Gonna Roll the Bones
August 3, 2019 at 12:02 PM by Dr. Drang
Early last month, James Thomson released a new iOS dicerolling app called, with an eye to the App Store’s search function, Dice by PCalc. Being James, he didn’t just hook up a random number generator to an animation of dice, he used a physics engine to simulate the mechanics of rolling dice.
My first thought was “how random will this simulation be?” What we think of as randomness in dicerolling and cointossing is really based on the chaos inherent in the dynamics of these actions. A coin flip, for example, is a completely deterministic process and seems random to us (and can pass statistical tests) only because the results change significantly due to small changes in the initial conditions.^{1} There’s a great Numberphile video in which Persi Diaconis discusses this. In fact, you should just watch all the Diaconis videos, including the two on fair dice.
So my question was really about how good the physics engine was at simulating real chaotic dynamic processes. Would the rolls that come out of Dice pass the kind of statisical tests that rolls of fair physical dice would?
The best way to check this would be to generate a bunch of rolls in Dice and then run a statistical test on the results. Here is where my laziness kicked in. Sure, I was interested in this, but was I interested enough to do all the tedious work necessary to collect the data?
Yes and no. I certainly wasn’t going to roll with Dice and then type in the number that came up. Even with two iOS devices running in parallel, one for the rolling and one for the typing, that was too painful to contemplate.
I then thought about dictating the numbers. I’ve had success dictating measurements while I’m working in the lab. But then I realized I didn’t have to do the dictation myself.
Dice has a setting for speaking the results. By turning that on, I could put my iPad and iPhone near each other and have Dice running on the iPad dictating its results to Drafts running on the iPhone.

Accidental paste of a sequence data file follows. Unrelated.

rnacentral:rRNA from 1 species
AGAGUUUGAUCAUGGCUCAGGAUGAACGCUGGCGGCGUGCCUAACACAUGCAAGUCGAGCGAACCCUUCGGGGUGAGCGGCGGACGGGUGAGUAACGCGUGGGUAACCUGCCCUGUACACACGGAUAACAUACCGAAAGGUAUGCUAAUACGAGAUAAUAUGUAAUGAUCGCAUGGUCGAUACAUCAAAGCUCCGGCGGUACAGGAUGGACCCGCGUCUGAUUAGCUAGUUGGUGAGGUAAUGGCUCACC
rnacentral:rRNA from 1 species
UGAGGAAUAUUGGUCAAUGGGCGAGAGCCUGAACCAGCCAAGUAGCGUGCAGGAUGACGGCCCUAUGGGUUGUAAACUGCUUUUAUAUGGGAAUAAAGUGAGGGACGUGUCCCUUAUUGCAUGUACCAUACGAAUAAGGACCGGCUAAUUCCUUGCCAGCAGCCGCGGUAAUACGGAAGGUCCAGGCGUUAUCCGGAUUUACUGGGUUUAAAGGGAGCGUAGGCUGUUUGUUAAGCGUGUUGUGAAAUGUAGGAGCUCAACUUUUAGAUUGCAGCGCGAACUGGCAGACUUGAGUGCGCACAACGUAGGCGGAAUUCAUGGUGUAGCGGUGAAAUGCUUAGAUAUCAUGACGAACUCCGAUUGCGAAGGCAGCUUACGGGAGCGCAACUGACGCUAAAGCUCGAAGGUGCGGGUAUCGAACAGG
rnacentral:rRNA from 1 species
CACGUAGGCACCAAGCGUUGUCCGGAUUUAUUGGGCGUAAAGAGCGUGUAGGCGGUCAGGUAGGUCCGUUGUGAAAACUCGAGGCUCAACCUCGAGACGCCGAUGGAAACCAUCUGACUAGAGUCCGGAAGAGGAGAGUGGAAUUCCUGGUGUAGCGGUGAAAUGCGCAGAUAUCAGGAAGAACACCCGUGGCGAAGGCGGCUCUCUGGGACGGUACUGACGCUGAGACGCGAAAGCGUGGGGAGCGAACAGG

I figured Drafts was the best app to dictate into because it’s more forgiving of pauses than other apps and there were definitely gaps between rolls. Even so, Drafts would typically time out after 20–25 rolls, so I got in the habit of stopping dictation when the line of numerals got to that length.
By continually tapping Dice’s Reroll button, I soon had a list of about 1000 rolls (1005, to be precise) of a single sixsided die collected in Drafts.
(The short lines came when I mistapped on one of the two devices and I had to restart the dictation on a new line.)
Now it was time to analyze the data. First, I cleaned up the data by searching for all the newline characters and deleting them. That gave me one long string of numerals that I could paste into my Python analysis script.
The purpose of the script is to count all the occurrences of each number. We can then use the chisquare test to see if the counts are close enough to equal to be considered uniformly distributed.
Here’s the script (where I’ve broken up the dice
string to make it easy to read):
python:
1: from collections import Counter
2:
3: dice = '62331245646253365416252416456666441662363644345422542256142\
4: 1466414261214312335455454662646535364552643553665562651445113223516\
5: 4345133236466256615163133461424555341161364531342162154345456123551\
6: 5423652314323336623453164254465211353346441264444255242555423541323\
7: 6533463525333334261214625566242633555332152324134625433336551162653\
8: 6315124456213426444412453433411545664123666142441221443216112523321\
9: 6152221326121156452653165253554144341516263223352541216535363436646\
10: 4541465526654644463253423326446544441415433335134414135322626155446\
11: 4312665234231443443266324544222633214232324134645313425461251615143\
12: 6632166254234354361564226654553242645146115336541241611551536125452\
13: 5232345614355646146336344234364241521341565322613665651434435414414\
14: 1232452266522616432354611625545222424146665126511162164412245423651\